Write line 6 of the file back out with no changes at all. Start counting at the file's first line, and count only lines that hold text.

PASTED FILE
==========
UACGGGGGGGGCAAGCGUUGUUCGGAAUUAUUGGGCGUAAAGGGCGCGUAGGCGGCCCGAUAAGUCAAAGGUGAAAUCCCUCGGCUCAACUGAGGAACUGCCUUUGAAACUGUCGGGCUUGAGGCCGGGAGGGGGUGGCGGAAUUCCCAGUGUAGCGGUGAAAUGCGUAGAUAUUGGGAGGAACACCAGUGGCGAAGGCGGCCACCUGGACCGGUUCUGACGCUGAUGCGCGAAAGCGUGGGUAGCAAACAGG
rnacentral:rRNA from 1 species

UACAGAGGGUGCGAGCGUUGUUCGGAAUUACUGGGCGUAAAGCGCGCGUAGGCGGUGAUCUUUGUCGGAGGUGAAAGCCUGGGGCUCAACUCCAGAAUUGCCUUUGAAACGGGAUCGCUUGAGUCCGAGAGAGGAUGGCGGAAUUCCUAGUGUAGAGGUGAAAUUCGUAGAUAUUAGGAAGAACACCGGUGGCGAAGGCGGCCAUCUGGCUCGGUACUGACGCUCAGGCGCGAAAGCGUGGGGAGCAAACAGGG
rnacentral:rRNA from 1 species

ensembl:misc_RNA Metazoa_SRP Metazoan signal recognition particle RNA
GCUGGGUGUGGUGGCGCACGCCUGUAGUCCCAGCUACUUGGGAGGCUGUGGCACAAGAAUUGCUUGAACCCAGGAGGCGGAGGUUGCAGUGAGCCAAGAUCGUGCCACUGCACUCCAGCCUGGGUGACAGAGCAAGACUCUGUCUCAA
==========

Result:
GCUGGGUGUGGUGGCGCACGCCUGUAGUCCCAGCUACUUGGGAGGCUGUGGCACAAGAAUUGCUUGAACCCAGGAGGCGGAGGUUGCAGUGAGCCAAGAUCGUGCCACUGCACUCCAGCCUGGGUGACAGAGCAAGACUCUGUCUCAA